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Perplexing integration - sqrt(1+sinx)

  1. Nov 16, 2012 #1
    Hello,

    I am trying to integrate sqrt(1+sinx) dx but I keep getting 2sqrt(1-sinx) (having initially substituted u=sinx), which is wrong!! Could anyone please tell me what I am doing wrong?
     
  2. jcsd
  3. Nov 16, 2012 #2

    micromass

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    We can't really know what you did wrong unless you tell us what you did!! So, can you show us your work?
     
  4. Nov 16, 2012 #3
    As I wrote, I substituted u=sinx and got that the integral should be equal to 2sqrt(1-sinx). Which is wrong, according to Wolfram and a simple differentiation test. I am simply not sure where I faltered. May you please advise?
     
  5. Nov 16, 2012 #4

    dextercioby

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    You're starting in the wrong place. You should be using a different substitution. Try tan x/2 = u.
     
  6. Nov 16, 2012 #5
    I would have thought so, except that I was instructed to use that substitution. :s
    It should still be correct, granted the algebra is. Yet the answer is incorrect!
     
  7. Nov 16, 2012 #6

    D H

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    peripatein, you need to show us your work. We cannot read your mind.
     
  8. Nov 16, 2012 #7
    u=sinx, du=cosxdx
    Hence, int=[sqrt(1+u)/sqrt(1-u^2)] du=[1/sqrt(1-u)] du.
    Hence, int=2sqrt(1-sinx)
     
  9. Nov 16, 2012 #8

    D H

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    Try that last step again.
     
  10. Nov 16, 2012 #9
    What do you mean? Dividing by sqrt(1+u)?
     
  11. Nov 16, 2012 #10

    SammyS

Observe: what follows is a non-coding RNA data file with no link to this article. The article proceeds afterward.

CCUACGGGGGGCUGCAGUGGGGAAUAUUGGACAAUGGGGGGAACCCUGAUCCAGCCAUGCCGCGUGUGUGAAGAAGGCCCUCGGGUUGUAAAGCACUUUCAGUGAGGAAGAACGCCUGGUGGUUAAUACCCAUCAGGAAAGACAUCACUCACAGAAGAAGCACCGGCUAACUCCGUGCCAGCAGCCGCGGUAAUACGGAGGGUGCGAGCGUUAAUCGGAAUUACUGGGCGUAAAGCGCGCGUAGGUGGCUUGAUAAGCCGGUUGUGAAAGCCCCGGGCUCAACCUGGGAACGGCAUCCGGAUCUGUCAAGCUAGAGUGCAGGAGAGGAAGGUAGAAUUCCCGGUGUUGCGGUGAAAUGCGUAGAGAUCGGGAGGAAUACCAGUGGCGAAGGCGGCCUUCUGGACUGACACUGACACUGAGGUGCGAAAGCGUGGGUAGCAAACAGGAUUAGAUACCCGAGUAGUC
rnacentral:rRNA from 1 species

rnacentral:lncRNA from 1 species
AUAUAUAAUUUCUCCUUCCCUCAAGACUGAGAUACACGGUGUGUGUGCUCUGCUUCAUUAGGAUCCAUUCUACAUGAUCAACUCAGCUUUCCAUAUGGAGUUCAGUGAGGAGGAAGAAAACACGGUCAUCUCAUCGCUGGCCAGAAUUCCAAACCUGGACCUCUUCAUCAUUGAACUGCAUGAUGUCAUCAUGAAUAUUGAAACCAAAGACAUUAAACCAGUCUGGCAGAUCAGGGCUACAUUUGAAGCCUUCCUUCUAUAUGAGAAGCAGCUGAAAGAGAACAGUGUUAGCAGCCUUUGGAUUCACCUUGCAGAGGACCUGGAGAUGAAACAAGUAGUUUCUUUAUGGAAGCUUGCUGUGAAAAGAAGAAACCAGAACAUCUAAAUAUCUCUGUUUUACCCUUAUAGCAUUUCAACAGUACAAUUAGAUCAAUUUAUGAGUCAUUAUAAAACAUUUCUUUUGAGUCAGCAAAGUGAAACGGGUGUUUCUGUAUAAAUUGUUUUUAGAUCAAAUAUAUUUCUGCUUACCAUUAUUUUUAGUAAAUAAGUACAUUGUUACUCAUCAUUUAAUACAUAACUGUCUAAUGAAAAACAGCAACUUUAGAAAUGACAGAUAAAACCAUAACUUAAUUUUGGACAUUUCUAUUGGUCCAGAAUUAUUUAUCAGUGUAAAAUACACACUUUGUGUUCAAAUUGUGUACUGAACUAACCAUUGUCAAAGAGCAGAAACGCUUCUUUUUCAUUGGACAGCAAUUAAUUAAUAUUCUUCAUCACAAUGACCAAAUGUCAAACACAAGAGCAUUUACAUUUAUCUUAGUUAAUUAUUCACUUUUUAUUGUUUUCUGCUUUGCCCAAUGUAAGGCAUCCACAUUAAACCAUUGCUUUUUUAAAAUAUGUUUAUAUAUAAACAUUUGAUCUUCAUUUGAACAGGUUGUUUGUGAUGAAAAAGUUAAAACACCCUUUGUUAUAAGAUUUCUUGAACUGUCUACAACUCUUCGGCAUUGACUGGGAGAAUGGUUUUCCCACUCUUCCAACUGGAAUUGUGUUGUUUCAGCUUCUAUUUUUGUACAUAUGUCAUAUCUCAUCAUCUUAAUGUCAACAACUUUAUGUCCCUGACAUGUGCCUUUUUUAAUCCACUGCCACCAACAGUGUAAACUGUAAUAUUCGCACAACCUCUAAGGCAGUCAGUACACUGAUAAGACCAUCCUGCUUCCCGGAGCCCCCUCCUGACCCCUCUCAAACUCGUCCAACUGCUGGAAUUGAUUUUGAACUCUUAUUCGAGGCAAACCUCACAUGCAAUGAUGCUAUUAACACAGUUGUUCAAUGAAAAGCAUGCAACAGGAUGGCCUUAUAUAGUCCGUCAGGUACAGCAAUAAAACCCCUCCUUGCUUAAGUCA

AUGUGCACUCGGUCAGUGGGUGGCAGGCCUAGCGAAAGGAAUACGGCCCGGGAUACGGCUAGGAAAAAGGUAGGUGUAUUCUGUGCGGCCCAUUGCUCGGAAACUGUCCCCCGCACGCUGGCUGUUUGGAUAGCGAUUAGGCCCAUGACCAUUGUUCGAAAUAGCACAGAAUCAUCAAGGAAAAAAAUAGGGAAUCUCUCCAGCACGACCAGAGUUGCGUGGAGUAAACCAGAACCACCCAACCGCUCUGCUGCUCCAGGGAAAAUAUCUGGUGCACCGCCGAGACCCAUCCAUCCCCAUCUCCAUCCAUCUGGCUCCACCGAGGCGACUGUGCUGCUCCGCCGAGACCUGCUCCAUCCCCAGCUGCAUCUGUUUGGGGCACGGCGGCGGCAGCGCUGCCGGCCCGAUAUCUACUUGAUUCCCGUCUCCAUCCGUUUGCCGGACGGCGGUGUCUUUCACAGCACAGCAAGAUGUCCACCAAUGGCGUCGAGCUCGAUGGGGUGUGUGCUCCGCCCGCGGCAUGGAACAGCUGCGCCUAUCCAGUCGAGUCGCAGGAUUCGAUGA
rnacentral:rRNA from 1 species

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    Do the integration:

    [itex]\displaystyle \int \frac{1}{\sqrt{1-u}}\,du\ .[/itex]
     
  12. Nov 16, 2012 #11
    But isn't that 2sqrt(1-u)?
     
  13. Nov 16, 2012 #12

    SammyS

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    sign error.
     
  14. Nov 16, 2012 #13
  15. Nov 16, 2012 #14
    Wrong link. In any case, that is NOT the answer. Question is, why?
     
  16. Nov 16, 2012 #15

    D H

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    They're the same answer *if* [itex]\cos x=\sqrt{1-\sin^2 x}[/itex]. That's not always the case, but you implicitly assumed that this is an identity in your u-substitution.
     
  17. Nov 16, 2012 #16

    SammyS

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    What is the correct answer?

    You have to be careful about sign behavior of the functions you're working with.

    [itex]\displaystyle \cos(x)=\sqrt{1-\sin^2(x)}\ \ [/itex] only when cos(x) ≥ 0.

    Otherwise, [itex]\displaystyle \ \cos(x)=-\sqrt{1-\sin^2(x)\ .}[/itex]
     
  18. Nov 16, 2012 #17
    Okay, thanks!
    I am also trying to evaluate the improper integral 1/[(x-1)^1/3] between 0 and 4. May I do so thus?:

    { lim b->1- int 1/[(x-1)^1/3] dx between 0 and b } + { lim b->1+ int 1/[(x-1)^1/3] dx between b and 4 }?

    Is there a another, better way to evaluate it?
     
  19. Nov 16, 2012 #18

    SammyS

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    It's best to start a new thread for this.

    It's a completely different problem.
     
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